Download presentation

Presentation is loading. Please wait.

Published byVictoria Page Modified over 4 years ago

1
**5.1 Electric potential difference, current and resistance**

5: Electric Current 5.1 Electric potential difference, current and resistance

2
Electric Circuits The instant a circuit is turned on, an electrical field develops (moving through the circuit at about the speed of light). The field acts upon charged bodies. Thus the free electrons in a wire (or other charge carriers e.g. ions in liquids) begin to move almost simultaneously and reach speeds up to 1/1000 x speed of light. Constant interactions (collisions) with atoms reduce the average speed of electrons in a wire to around 0.5mms-1. Q. Describe, in as much scientific detail as possible, what happens in an electric circuit when it is switched on.

3
**Energy and Work in Circuits **

In any electrical circuit energy is transferred from the power source (e.g. a cell or dynamo) to somewhere else (e.g. to internal energy in a heating element). Q. In a simple torch circuit, describe the energy changes occurring and describe what is doing the work and what is having work done upon it. Work is done by the cell on the electrons: the electric field exerts a force upon them that makes them move through a distance. The electrons interact with and do work upon the atoms in the lamp filament, causing them to vibrate more. Chemical energy → Kinetic energy → Internal energy (in cells) (of electrons) (of filament)

4
Voltage Voltage can be thought of as a sort of electrical ‘push’. Voltage at a point is also called ‘potential’ and can be measured at any point relative to another point. Thus the ‘voltage across’ a component is better described as the ‘potential difference’. EMF V1 V2 V3 V4 - + EMF V1 V2 V3 V4 electrons

5
Potential Voltage at a point is called the point potential. Point potential is always measured relative to other points. E.g. the negative terminal of a cell or Earth can be taken as zero. Potential difference can then be determined from individual point potentials.

6
E.g. If the potential at point A is 3.2V and point B is 1.2V what are the potential differences across R, M and L? Sketch the potential - position graph: 4.5V R M A B L + A B - potential (V)

7
**This can be defined as follows:**

Potential Difference This can be defined as follows: The potential difference between any two points in an electrical circuit is equal to the work done moving one coulomb of charge from one point to the other. Potential difference = Work Charge V = W Q V = potential difference between two points in the circuit (Volts) W = work done (Joules) Q = charge (Coulombs)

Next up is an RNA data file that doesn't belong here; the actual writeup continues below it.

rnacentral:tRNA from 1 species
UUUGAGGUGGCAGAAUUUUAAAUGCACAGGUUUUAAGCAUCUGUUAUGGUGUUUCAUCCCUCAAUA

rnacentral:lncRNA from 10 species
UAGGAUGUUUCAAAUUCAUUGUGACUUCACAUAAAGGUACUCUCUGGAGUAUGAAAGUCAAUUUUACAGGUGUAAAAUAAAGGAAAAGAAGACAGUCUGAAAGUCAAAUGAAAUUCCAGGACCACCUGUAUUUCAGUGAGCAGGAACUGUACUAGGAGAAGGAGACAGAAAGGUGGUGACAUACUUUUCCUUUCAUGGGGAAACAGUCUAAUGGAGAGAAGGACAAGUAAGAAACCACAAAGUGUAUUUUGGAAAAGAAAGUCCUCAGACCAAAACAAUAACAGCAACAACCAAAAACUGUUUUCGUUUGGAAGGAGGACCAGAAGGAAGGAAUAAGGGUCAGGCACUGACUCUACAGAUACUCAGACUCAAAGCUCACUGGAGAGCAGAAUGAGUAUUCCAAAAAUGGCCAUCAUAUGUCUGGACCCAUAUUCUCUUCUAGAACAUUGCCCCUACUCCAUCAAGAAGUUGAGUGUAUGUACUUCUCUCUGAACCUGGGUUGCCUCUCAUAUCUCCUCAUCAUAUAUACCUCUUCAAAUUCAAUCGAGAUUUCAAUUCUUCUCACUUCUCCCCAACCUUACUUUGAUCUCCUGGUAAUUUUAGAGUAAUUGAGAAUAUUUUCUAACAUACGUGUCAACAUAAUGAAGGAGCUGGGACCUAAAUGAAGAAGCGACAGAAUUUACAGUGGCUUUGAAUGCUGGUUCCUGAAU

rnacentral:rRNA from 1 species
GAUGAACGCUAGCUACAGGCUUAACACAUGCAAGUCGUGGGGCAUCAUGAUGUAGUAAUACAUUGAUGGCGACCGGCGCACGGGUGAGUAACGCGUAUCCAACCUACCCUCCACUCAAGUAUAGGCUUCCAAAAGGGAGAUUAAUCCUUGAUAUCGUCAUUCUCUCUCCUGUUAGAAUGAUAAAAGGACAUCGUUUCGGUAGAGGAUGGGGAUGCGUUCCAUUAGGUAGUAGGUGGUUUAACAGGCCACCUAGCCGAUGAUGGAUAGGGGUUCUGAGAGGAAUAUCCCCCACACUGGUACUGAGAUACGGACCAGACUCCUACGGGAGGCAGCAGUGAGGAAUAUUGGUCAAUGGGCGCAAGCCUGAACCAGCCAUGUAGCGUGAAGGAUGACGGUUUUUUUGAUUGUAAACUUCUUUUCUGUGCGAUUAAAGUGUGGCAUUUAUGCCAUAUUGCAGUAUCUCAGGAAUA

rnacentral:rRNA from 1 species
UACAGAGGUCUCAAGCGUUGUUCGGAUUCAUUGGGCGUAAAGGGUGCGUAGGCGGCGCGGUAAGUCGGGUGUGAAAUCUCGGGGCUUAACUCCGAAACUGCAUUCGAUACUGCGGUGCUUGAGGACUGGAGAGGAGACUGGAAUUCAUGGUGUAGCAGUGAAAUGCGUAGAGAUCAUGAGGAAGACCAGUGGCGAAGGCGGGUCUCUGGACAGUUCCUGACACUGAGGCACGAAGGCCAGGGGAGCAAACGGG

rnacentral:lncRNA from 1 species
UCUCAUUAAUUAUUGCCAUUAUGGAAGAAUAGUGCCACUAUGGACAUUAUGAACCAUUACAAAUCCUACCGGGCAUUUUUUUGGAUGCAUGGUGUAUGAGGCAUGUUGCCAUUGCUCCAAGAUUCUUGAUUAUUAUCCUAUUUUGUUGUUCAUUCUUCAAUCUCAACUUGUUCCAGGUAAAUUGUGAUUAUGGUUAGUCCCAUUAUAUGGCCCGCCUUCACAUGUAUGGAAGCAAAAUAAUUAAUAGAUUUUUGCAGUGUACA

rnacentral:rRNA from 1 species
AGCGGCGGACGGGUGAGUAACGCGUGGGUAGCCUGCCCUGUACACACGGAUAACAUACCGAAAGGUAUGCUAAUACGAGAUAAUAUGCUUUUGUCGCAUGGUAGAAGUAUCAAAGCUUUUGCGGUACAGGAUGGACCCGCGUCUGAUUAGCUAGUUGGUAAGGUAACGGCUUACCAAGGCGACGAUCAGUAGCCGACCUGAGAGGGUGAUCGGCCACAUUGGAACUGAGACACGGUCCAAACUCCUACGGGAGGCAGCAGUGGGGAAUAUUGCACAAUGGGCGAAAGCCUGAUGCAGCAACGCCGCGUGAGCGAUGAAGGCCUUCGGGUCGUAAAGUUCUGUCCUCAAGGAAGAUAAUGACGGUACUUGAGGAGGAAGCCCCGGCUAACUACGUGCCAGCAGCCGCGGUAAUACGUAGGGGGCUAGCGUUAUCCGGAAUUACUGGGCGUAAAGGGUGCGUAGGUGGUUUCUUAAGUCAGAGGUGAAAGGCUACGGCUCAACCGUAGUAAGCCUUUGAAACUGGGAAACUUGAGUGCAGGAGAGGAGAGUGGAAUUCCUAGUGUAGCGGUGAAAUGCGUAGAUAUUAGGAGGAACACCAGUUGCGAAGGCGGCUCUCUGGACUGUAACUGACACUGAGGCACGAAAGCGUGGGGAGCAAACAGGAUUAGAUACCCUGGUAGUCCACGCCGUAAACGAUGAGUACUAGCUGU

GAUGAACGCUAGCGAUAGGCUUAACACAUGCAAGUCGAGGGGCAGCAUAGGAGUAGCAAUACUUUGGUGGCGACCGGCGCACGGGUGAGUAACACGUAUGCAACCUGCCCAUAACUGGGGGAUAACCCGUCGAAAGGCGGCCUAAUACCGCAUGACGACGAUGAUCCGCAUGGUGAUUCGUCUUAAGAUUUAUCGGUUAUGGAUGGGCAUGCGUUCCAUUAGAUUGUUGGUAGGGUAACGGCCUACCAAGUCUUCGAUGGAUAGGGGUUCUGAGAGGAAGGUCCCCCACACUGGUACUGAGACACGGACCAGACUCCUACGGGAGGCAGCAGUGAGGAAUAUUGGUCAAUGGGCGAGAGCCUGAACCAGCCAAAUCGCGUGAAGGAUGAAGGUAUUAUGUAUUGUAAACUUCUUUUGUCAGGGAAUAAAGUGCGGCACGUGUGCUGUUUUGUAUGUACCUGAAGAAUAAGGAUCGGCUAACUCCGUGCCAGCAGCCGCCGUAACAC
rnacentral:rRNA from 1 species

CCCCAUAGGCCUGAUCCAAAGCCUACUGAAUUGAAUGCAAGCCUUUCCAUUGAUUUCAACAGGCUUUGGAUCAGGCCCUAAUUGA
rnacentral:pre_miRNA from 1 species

8
**- + Electrical potential energy**

So as an electron moves between two points in a circuit, its potential energy will decrease and its kinetic energy will increase (ignoring collisions with atoms) by an amount equal to the work done by the electric field. So… W = QV ∆E = change in energy(Joules) V = potential difference (Volts) q = charge of particle (Coulombs) ∆KE = ∆PE = qV Q. Calculate the potential energy lost by an electron as it moves from the negative to positive terminal of a 9 Volt cell. What happens to this energy? (e = x C)

9
The Electronvolt When we are considering individual charged particles gaining or losing energy, a typical order of magnitude is Joules. Clearly the Joule is a cumbersome unit to use in this context. Instead we use another unit of energy - the electronvolt. One electronvolt (1eV) is the work done moving one electron through a potential difference of one volt. So… W = QV 1eV = (-1.6 x 10-19) x -1 1eV = 1.6 x 10-19J

10
**This demonstration shows that…**

Electric current Demo: The shuttling ball This demonstration shows that… One coulomb passes a point in a circuit when a current of one amp flows for one second. So… Q. From the shuttling ball demo, determine the… Number of coulombs flowing per second Number of electrons flowing per second Charge on the ball …electric current is the rate of flow of charge. ΔQ = Charge (Coulombs) I = Current (Amps) Δt = Time taken (seconds) ΔQ = I Δt View using a stroboscope